Friday, July 3, 2015

The Crow and the Eagle

Images by California-based photographer Phoo Chan, who says,
Crows are known for aggressively harassing other raptors that are much bigger in size when spotted in their territories and usually these ‘intruders’ simply retreat without much fuss. However, in this frame the crow did not seem to harass the bald eagle at such close proximity and neither did the bald eagle seem to mind the crow’s presence invading its personal space. What made it even more bizarre was that the crow even made a brief stop on the back of the eagle as if it was taking a free scenic ride and the eagle simply obliged.


Shadow said...

An eagle in flight is no match for a smaller, more jet fighter-like bird. I once watched what I think was an American Kestrel (or something like it) beat the crap out an eagle. That eagle couldn't get out of there fast enough.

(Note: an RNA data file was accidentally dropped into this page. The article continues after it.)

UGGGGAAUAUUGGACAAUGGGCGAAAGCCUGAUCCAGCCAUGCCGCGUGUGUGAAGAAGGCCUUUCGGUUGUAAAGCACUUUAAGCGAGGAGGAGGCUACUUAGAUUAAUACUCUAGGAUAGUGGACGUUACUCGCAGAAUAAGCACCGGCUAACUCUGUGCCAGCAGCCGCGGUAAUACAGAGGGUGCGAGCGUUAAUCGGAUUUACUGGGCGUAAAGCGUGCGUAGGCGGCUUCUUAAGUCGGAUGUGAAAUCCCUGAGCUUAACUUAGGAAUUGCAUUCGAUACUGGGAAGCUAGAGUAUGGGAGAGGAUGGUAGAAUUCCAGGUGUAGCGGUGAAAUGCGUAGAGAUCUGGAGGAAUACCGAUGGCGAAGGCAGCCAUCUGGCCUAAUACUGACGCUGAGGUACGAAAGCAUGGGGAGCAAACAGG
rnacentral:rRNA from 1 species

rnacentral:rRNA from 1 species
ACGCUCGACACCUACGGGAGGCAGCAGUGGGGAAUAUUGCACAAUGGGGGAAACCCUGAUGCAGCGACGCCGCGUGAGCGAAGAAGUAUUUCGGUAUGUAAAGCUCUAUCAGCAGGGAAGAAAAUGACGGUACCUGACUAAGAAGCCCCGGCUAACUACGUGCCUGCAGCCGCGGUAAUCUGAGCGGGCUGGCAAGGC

G. Verloren said...

From all I know of wild birds, I'd hazard to say these two know each other and are "friends" of sorts.

To many people the notion may seem ludicrous, but many of the larger birds are stunningly intelligent, and have very good memories. Moreover, while to many people one crow or eagle looks largely indistinguishable from another, such birds display a capacity for recognizing individuals among themselves - and even among us humans, which I find twice as impressive.

It's been shown that such birds develop affinities towards individuals that treat them well, as well as rivalries against those that treat them poorly. If you earn their trust, or lose it, they will remember your actions and respond accordingly when around you.

While it's unusual to see two completely wild birds behaving this way, its certainly within the bounds of believability. And once we factor in potential human influence - perhaps the crow and eagle would both visit a fisherman who left them fish scraps, or similar - if find it rather easy to believe these two could very well be on rather cordial terms with each other.